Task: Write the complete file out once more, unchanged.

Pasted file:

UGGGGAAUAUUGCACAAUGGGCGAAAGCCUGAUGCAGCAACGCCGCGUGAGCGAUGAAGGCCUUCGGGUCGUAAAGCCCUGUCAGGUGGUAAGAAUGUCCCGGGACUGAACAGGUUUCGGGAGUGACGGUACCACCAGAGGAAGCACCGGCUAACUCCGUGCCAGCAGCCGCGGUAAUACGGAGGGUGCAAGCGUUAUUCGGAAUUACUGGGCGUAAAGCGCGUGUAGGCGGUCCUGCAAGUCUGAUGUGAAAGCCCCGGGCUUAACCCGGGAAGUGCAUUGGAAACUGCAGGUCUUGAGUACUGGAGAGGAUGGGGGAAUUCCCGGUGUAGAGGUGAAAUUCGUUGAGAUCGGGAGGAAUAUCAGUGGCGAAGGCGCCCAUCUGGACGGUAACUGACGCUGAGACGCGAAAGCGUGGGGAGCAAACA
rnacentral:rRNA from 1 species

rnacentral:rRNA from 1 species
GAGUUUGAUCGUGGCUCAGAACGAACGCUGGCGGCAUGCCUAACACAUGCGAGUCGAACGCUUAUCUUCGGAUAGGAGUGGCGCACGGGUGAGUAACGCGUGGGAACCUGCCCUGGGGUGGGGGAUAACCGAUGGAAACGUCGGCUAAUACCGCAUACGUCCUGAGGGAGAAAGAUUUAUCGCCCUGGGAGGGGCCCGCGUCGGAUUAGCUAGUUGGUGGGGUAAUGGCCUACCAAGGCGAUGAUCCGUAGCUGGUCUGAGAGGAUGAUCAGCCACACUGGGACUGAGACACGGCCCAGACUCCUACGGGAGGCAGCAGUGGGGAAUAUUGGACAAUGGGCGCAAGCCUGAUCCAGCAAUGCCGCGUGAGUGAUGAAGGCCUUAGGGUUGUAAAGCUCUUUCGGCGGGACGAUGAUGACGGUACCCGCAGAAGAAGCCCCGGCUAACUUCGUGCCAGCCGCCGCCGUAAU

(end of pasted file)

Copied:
UGGGGAAUAUUGCACAAUGGGCGAAAGCCUGAUGCAGCAACGCCGCGUGAGCGAUGAAGGCCUUCGGGUCGUAAAGCCCUGUCAGGUGGUAAGAAUGUCCCGGGACUGAACAGGUUUCGGGAGUGACGGUACCACCAGAGGAAGCACCGGCUAACUCCGUGCCAGCAGCCGCGGUAAUACGGAGGGUGCAAGCGUUAUUCGGAAUUACUGGGCGUAAAGCGCGUGUAGGCGGUCCUGCAAGUCUGAUGUGAAAGCCCCGGGCUUAACCCGGGAAGUGCAUUGGAAACUGCAGGUCUUGAGUACUGGAGAGGAUGGGGGAAUUCCCGGUGUAGAGGUGAAAUUCGUUGAGAUCGGGAGGAAUAUCAGUGGCGAAGGCGCCCAUCUGGACGGUAACUGACGCUGAGACGCGAAAGCGUGGGGAGCAAACA
rnacentral:rRNA from 1 species

rnacentral:rRNA from 1 species
GAGUUUGAUCGUGGCUCAGAACGAACGCUGGCGGCAUGCCUAACACAUGCGAGUCGAACGCUUAUCUUCGGAUAGGAGUGGCGCACGGGUGAGUAACGCGUGGGAACCUGCCCUGGGGUGGGGGAUAACCGAUGGAAACGUCGGCUAAUACCGCAUACGUCCUGAGGGAGAAAGAUUUAUCGCCCUGGGAGGGGCCCGCGUCGGAUUAGCUAGUUGGUGGGGUAAUGGCCUACCAAGGCGAUGAUCCGUAGCUGGUCUGAGAGGAUGAUCAGCCACACUGGGACUGAGACACGGCCCAGACUCCUACGGGAGGCAGCAGUGGGGAAUAUUGGACAAUGGGCGCAAGCCUGAUCCAGCAAUGCCGCGUGAGUGAUGAAGGCCUUAGGGUUGUAAAGCUCUUUCGGCGGGACGAUGAUGACGGUACCCGCAGAAGAAGCCCCGGCUAACUUCGUGCCAGCCGCCGCCGUAAU